Surviving the Oncology Clinic
So, how do you go about being proactive and assertive in your discussions about your treatment? Well let’s address the first issue: oncology clinics are intimidating, most hospital clinics are, so be prepared for that feeling. Often, you have spent the previous days in a growing level of tension and getting yourself psyched up, prepared what you want to say and then a two hour wait turns you brain to a lead weight, and you feel worn out before you get in there. Once in, so many things you want to say and ask, and often there is insufficient time to discuss things properly. Taking in and understanding the context of what is being said to you is extremely difficult, so if you have ever left, feeling you have not got what you need from your long awaited appointment, take heart, it is a common experience.
Now, in order to get the most from your oncology team, you have to look realistically at what they can offer, and what is available.
They will be short of time – unless you are a private patient, realistically, there are far too few oncologists and clinic staff in this country to look after people properly. That is not how the oncology team want it; it is a horribly pressurised situation, where they are expected to switch off from one patient and straight on to the next.
The situation is controlled. Control and pressure to comply is a subconscious and very strong element of how we operate oncology services. Compliance is the quickest, most efficient way to run the service, if everybody wants to discuss new treatments, clinical trials, complementary and alternative approaches, every clinic would run until midnight, not possible. Therefore, your cooperation is much appreciated, and is subtly sought, sometimes attempts at raising new issues are dealt with properly, sometimes the conversations are efficiently managed and you never get past the starting post. Doctors can be masters at blocking communications, particularly when under pressure; you need to learn how to manoeuvre round that.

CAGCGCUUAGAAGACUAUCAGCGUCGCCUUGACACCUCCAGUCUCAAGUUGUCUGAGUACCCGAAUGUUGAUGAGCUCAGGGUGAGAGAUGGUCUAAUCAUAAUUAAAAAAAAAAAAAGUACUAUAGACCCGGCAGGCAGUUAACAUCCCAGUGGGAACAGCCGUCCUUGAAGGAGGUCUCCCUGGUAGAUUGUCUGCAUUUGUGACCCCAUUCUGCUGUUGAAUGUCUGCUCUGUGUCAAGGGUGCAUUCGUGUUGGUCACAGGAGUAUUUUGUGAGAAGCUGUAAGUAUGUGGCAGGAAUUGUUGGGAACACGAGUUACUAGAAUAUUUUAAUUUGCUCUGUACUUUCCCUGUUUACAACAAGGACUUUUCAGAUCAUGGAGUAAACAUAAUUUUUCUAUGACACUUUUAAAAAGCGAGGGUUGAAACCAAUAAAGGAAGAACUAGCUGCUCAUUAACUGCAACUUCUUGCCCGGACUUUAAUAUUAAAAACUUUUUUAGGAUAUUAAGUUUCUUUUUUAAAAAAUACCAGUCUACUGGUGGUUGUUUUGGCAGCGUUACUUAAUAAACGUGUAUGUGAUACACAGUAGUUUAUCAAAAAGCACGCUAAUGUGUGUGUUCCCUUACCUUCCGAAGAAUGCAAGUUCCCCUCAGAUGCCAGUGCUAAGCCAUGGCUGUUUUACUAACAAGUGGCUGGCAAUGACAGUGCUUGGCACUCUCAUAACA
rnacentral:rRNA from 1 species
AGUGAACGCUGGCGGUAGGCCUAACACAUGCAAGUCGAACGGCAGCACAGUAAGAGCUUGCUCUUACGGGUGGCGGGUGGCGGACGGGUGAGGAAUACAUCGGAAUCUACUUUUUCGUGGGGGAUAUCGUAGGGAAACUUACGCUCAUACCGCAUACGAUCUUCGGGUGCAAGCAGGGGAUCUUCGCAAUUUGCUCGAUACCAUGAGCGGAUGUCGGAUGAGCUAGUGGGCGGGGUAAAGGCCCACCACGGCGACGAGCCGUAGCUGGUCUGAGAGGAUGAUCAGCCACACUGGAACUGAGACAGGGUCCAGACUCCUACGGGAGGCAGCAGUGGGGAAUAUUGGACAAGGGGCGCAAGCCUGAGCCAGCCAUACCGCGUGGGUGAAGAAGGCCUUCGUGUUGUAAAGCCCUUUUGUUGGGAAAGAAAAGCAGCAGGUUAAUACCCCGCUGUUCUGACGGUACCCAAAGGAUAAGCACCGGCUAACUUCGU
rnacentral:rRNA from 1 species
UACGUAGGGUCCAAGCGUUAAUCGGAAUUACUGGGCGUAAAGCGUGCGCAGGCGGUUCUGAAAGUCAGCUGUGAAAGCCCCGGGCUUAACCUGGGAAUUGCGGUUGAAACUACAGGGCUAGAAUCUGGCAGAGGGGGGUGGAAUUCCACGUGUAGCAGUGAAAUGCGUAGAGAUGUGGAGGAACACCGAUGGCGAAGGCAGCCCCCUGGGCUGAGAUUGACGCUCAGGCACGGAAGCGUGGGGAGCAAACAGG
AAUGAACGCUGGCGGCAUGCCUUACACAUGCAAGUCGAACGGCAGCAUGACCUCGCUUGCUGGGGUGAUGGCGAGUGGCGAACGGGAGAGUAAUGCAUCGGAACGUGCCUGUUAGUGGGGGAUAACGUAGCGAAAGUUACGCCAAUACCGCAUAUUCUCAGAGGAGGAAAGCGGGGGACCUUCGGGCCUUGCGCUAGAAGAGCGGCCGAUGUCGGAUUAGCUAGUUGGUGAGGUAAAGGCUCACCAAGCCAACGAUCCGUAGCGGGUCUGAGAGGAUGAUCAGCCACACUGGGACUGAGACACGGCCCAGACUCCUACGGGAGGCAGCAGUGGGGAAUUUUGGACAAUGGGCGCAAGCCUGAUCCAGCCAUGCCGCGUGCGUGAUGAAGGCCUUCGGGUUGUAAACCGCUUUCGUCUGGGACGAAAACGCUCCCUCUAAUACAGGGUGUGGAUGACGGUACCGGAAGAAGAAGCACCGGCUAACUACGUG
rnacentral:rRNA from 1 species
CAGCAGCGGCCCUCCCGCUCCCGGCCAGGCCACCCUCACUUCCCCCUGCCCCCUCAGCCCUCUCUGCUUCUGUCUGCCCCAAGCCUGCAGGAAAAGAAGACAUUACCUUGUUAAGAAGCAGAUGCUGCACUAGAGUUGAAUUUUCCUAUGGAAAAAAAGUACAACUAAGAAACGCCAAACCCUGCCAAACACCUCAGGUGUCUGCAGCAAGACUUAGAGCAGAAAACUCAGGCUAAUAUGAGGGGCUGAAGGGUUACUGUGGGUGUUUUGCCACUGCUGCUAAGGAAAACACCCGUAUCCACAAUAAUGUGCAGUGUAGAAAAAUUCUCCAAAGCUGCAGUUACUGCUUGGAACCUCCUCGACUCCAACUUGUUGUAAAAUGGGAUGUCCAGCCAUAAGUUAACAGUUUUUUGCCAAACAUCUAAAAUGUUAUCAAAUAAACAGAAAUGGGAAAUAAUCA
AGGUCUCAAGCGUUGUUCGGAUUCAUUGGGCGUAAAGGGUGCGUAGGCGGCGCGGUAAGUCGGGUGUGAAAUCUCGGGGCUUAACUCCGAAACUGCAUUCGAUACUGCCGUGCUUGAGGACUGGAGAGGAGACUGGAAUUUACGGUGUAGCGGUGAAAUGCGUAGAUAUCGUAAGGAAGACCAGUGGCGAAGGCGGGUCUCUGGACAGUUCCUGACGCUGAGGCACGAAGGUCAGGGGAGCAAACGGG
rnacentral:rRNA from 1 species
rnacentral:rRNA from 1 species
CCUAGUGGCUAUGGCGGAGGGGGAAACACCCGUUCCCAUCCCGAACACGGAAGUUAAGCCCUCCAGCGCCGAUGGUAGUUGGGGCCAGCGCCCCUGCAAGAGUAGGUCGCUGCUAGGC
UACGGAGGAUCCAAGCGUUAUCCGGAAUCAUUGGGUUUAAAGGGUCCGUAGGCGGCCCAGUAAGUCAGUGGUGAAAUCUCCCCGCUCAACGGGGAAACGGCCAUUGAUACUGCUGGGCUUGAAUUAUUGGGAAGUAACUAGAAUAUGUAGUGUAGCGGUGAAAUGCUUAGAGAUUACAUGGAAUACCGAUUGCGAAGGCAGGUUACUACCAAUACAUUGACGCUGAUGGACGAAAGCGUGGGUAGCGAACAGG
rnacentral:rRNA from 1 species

‘It does what is says on the tin’, if you go to a surgeon, you will be discussing surgery, if you go to an oncologist, you will be discussing chemotherapy, radiotherapy, or some of the new approaches. Each one is expert at those things, and should be able to give you clear information about theirs, and refer you on to the appropriate expert if you need another. Do not expect them to know anything about treatments outside of the orthodox field, that way you will not be disappointed. None of the oncology team will know anything about nutrition and cancer, and will not be in the least bit interested. They may know a little about complementary therapies, and indeed most oncology units now offer them, but anything more alternative, they will have no knowledge at all. Actually I am wrong there, they do know one thing about them, and they are all rubbish! I knew this when I worked in oncology. I didn’t know how I actually knew it, because I never looked at any of the issues or evidence, but, I was very clear on the subject, anything outside of what we offered was useless, we all knew that!
There is more evidence supporting many different approaches than most doctors will ever know about, or indeed be prepared to acknowledge. You have to accept that as the situation in this country stands at the moment, you will have to make your own decisions about what may be the appropriate approach for you, and indeed become your own expert on the subject. There is much more integration of CAM therapies with orthodox in other countries, particularly Europe, where the two sit side by side much more comfortably. Hopefully things will continue to change in this country, until then the best thing to do is work with the situation we have, do your research, and become your own expert on your own cancer.